Review What You Know

About a year ago, I started getting involved with the accessibility community. I found a large and vocal community that pushes for accessible game design.

Accessible game design is a topic I’ve discussed for years, as gaming has always had inaccessible aspects even going back to my youth. It was witnessing my brother Anthony struggle with accessibility and eventually become unable to play games that started me on this path.

In 2004 Anthony was having difficulty using the PlayStation 2 controller because of Duchenne Muscular Dystrophy. The solution was to place a pillow in his lap, which allowed him to have a better grip on the controller.

Anthony - man in white shirt with curly brown hair smiling

This memory of my brother has stayed with me. Anthony loved video games. I remember when this solution no longer worked in 2007 and he was angry that he could no longer play video games. Six months later he passed away.

This story is a perfect illustration of why accessibility in gaming is more than a feature. It’s a door to new worlds and experiences, especially for the Disabled community. All too often we are left behind by an inaccessible society.

In my previous writing, I discussed why accessibility must become more than a trend, as trends quickly fall in popularity. Now I’d like to discuss why it’s important we continue to focus on the experiences of Disabled gamers.

Fellow Accessibility & Inclusion Advocate Vivek had this to say in his blog post  Mental Health: the Game Gris:

It’s one of those games that arrive at the right time of your life like the planets have perfectly aligned. I lost a close friend in December, so Gris was a tangible way to navigate through the emotional barriers inherent in the grieving process.

Vivek Gohil

You can see stories like this across the entire gaming community. Disabled gamers have many of the same experiences as our non Disabled peers. Yet we are represented much less. That is slowly changing though. Last year Microsoft released an ad featuring a Disabled gamer, I wrote about that here.

Microsoft released a new ad yesterday, that features multiple Disabled gamers. This time it focuses exclusively on their experiences. This goes even further than the first ad, as it will be aired during the Super Bowl. Check it out here.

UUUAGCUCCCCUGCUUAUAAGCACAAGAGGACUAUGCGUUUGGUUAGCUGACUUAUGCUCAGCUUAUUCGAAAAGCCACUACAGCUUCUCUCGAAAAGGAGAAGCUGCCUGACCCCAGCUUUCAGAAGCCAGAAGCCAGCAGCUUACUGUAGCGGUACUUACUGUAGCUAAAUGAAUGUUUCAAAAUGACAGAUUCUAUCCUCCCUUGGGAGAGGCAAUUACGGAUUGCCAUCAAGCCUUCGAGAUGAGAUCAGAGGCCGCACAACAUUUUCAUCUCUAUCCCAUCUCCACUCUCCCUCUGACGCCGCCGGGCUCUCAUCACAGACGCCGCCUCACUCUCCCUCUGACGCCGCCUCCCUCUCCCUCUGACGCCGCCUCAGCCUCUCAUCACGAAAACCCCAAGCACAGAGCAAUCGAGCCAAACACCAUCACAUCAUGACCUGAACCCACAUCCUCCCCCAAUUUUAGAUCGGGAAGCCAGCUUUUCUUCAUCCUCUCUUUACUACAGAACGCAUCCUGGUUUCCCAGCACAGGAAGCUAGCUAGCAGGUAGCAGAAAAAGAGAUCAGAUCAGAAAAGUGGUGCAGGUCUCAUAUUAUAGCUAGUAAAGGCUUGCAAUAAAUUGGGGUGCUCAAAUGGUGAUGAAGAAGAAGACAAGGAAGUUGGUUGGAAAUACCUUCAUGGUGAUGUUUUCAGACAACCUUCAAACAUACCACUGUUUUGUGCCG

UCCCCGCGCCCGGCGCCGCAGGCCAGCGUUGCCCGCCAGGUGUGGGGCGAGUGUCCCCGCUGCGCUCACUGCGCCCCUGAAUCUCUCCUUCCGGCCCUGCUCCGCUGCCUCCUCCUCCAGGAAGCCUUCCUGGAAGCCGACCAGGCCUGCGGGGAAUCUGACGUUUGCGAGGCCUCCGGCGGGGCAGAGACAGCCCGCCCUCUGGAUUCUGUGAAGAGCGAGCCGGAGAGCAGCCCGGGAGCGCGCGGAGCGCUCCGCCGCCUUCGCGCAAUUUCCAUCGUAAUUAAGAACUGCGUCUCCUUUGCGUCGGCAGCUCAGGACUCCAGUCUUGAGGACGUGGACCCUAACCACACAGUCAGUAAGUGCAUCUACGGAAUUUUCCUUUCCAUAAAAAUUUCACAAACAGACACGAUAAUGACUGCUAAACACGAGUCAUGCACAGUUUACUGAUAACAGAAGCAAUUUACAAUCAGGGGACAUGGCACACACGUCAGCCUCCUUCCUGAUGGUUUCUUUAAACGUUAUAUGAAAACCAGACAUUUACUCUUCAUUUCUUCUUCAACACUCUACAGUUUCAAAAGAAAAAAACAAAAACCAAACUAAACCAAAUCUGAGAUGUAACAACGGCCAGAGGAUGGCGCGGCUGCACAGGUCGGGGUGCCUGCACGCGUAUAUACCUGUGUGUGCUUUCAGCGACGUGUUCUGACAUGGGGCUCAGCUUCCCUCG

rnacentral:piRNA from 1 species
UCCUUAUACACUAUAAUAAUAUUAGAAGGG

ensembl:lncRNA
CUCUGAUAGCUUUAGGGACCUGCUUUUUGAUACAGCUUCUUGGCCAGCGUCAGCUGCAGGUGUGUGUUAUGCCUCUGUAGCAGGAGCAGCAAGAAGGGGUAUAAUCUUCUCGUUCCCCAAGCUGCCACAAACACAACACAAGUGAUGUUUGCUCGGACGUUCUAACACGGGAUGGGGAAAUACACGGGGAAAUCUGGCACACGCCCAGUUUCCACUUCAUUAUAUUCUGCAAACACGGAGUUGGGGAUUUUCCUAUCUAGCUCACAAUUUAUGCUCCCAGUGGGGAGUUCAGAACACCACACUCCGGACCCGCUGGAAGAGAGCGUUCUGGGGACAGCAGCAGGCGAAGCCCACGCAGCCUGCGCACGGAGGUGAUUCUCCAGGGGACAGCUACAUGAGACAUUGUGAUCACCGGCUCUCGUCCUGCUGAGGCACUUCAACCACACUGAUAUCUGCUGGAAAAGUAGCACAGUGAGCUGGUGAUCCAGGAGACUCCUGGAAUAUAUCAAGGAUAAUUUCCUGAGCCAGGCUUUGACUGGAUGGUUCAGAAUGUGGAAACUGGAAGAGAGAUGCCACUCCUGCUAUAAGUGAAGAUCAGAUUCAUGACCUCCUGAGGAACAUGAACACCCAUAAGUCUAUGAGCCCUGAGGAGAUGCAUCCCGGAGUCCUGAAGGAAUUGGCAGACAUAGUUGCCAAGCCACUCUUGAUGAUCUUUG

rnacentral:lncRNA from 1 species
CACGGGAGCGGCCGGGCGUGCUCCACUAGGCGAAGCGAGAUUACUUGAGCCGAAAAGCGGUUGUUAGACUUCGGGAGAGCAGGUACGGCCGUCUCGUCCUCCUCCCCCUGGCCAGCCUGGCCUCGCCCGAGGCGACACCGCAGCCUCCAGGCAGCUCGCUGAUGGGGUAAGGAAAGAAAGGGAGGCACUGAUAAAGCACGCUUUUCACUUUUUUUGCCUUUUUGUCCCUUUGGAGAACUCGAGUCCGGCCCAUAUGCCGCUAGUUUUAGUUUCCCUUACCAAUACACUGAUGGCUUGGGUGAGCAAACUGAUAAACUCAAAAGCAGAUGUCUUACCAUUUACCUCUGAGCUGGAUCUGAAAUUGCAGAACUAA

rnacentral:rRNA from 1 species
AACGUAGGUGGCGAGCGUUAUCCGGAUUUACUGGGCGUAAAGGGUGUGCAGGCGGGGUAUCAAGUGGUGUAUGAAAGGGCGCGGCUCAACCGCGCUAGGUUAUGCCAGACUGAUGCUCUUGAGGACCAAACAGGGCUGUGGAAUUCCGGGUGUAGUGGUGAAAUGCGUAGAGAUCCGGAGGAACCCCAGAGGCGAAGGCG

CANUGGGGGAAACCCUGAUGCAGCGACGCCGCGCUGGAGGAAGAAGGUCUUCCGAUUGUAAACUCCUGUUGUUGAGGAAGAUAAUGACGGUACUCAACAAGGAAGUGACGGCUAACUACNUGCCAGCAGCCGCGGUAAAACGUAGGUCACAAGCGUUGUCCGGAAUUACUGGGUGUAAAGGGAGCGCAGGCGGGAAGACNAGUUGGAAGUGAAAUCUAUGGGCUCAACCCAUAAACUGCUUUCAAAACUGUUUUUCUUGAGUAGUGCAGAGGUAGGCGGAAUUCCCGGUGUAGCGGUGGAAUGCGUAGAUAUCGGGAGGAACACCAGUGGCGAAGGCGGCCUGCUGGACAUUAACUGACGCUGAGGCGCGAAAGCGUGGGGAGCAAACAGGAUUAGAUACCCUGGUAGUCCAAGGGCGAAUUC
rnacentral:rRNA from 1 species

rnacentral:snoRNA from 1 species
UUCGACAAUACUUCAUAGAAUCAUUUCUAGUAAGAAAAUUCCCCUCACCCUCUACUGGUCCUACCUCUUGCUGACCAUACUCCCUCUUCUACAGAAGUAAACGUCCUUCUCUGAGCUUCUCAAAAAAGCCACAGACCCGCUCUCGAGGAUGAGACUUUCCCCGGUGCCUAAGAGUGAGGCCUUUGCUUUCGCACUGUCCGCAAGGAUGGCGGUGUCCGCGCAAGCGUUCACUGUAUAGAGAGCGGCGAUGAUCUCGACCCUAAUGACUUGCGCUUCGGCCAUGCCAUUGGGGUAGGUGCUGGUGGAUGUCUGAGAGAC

The reason I mentioned the memory of my brother, and paralleled it with the experience of Vivek, was to illustrate how important listening to Disabled people is. And how my observation of my brother will never be enough to explain the inaccessibility of video games because it was something I witnessed and did not experience.

The experiences of individuals affected by inaccessibility will have a much higher impact, than simply knowing someone who faces an accessibility challenge.

We need to go directly to the source, those who live with barriers and inaccessibility, and not write about experiences we do not fully understand.

Representation in Accessibility Reviews

Representation in the media we consume is vital to the future of accessibility. An area that I believe needs major improvement is accessibility reviews. When reviewing video games for accessibility it is important we focus on issues that affect us. I have seen reviews try to make definitive statements about the accessibility of a game without including the voices of people affected by it and every time, they fail to provide accurate information.

I think the publication this piece is published in goes about accessibility reviews in a wonderful way.

“We will not publish all-inclusive accessibility reviews where one person assesses all areas of a game’s accessibility.”

I have mentioned in many tweets that we need to create some sort of journalistic standard when doing accessibility reviews and I believe this is an easy rule to follow.

We need to hold each other accountable and strive to be better. The worst thing we can do is tell a developer “This is accessible for Deaf people” without ever asking a Deaf individual.

Reviews that do this are inherently problematic and go against the core tenants of what we advocate for. We started discussing accessibility because we were tired of our voices not being heard.

Let’s stop speaking over other Disabled people.

Daniel Gilbert is an Accessibility & Inclusion Advocate, and a contributor to Can I Play That? If you want to stay updated follow Daniel on twitter@AccessibleDan

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